You hear it a lot these days:
We have to stop thinking of people struggling with drugs as “criminals,” recognize them for the “sick people” they are, and get them into treatment!
To be clear, I agree.
I’d much prefer to say that somebody struggling with drugs is “sick,” as opposed to “bad.” But, at the same time, I think the struggle a lot of people go through in breaking their drug habit is bigger than simply battling an “illness.”
Yes, there’s a physiological component of shooting heroin every day, but it takes more than doctors and nurses and pills and hospitals to turn a person’s life around. Most people struggling with drugs aren’t just “sick.” There’s usually a whole slew of things – physical dependency, emotional pain, broken social relationships, checkered employment prospects – all going wrong at once. And real recovery is about all of that. To get their lives to a good place, people who’ve been using drugs excessively need safe housing, a job where they’ll be respected, support from their communities, all on an ongoing basis, hopefully for the rest of their lives. Not just a 30-day medical treatment, like a foot fungus.
Another problem with framing drug use as simply being a “health” issue is that if you treat people like they’re “sick,” they start thinking of themselves that way, and that’s not always the most conducive mindset for changing how you live your life. When you’re sick, you usually can’t work. You have to stay home and rest. You’re a patient, a client, a passive consumer of medical services. You’re off the hook.
When a person is first detoxing off of hard drugs, in a lot of ways, they really aren’t all that different than any other medical patient in the early stages of recovery from a trauma, like a car accident or a stroke. But very quickly, that begins to change, and once it does, an inevitable question emerges – sure I was sick, but when will I be well again? Can I ever really be genuinely healthy? Can I ever actually be normal?
When I was first getting sober, I wrestled with that sort of thing a lot. A few times, those questions were even enough for me to drink over. If, no matter what I did, on some level, I was always going to be sick, then what was the point of even trying to get well?
These days, I’ve been sober for more than a few 24 hours, and many things in my life are going wonderfully. I’m getting married. I’m starting a business and helping with several other organizations. An alarming number of people in our community seem to respect me, and, when I’m lucky, they even trust me. I’m not sure what flipped in me, but the truth is that I no longer feel like a sick person.
Sure, I’ve had to come to terms with the fact that I have a mental health condition that, in retrospect, I think may have contributed in a number of ways to my drinking and drug use. But, today, I treat that through a mix of daily psych meds and monthly talk therapy. It’s one thing about my life, but when I’ve got it under control, and I usually do, it isn’t even a very big thing.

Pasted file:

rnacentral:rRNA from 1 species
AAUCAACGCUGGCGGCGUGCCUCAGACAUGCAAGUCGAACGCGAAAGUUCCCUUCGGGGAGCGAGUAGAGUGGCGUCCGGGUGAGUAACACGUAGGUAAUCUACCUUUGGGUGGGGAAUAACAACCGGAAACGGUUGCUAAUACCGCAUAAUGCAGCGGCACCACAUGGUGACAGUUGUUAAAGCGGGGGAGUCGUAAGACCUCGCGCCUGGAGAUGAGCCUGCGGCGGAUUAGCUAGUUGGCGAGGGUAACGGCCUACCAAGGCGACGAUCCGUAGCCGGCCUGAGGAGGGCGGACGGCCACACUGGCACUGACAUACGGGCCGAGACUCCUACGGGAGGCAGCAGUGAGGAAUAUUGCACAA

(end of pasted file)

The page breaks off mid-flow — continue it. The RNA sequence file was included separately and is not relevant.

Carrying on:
For me, being sober is about a lot more than that. It’s about how I live in the day to day. It’s about my relationships, my home, my work, my family, my overall health, my spirituality.
And, today, when I think about what was going on with me back when I was inebriated so much of the time, that too seems more complicated than just having a “disorder.” Sure I was sick, both physically and emotionally, sometimes intensely, but I feel like it’s equally true to say that, for a lot of that time, I was just a lonely person who behaved antisocially and self-destructively. I’m not sure why, but sometimes looking straight at my life, without filtering everything through the lens of sickness, just feels better to me. It’s simpler and less pitiful. My life hangs less heavily on my shoulders when I don’t try to cram everything in my past into a diagnosis.
That’s where I think the word “dignity” comes in.
As I see it, the problem with treating somebody with a substance use disorder like a “criminal” and putting them in jail is not just that they’re actually a “sick person” who should be in a medical facility instead. No. The problem is that they’re an actual “person,” and they deserve to be treated like one.
I once went to an organizing workshop taught by a guy who was an African-American community organizer from Brooklyn who said, if you ask the government to shelter the homeless, best case scenario, they’ll shelter the homeless. But if what you want is actual housing for the people you’re serving, you have to ask the government to help people get real homes. Likewise here, if we always talk about the struggles that people are having with drugs as “health” problems, best case scenario, we’ll get the folks struggling with drugs better access to health care.
If we want them to be able to live full lives, however, in all aspects of their lives, we have to demand that. All of that.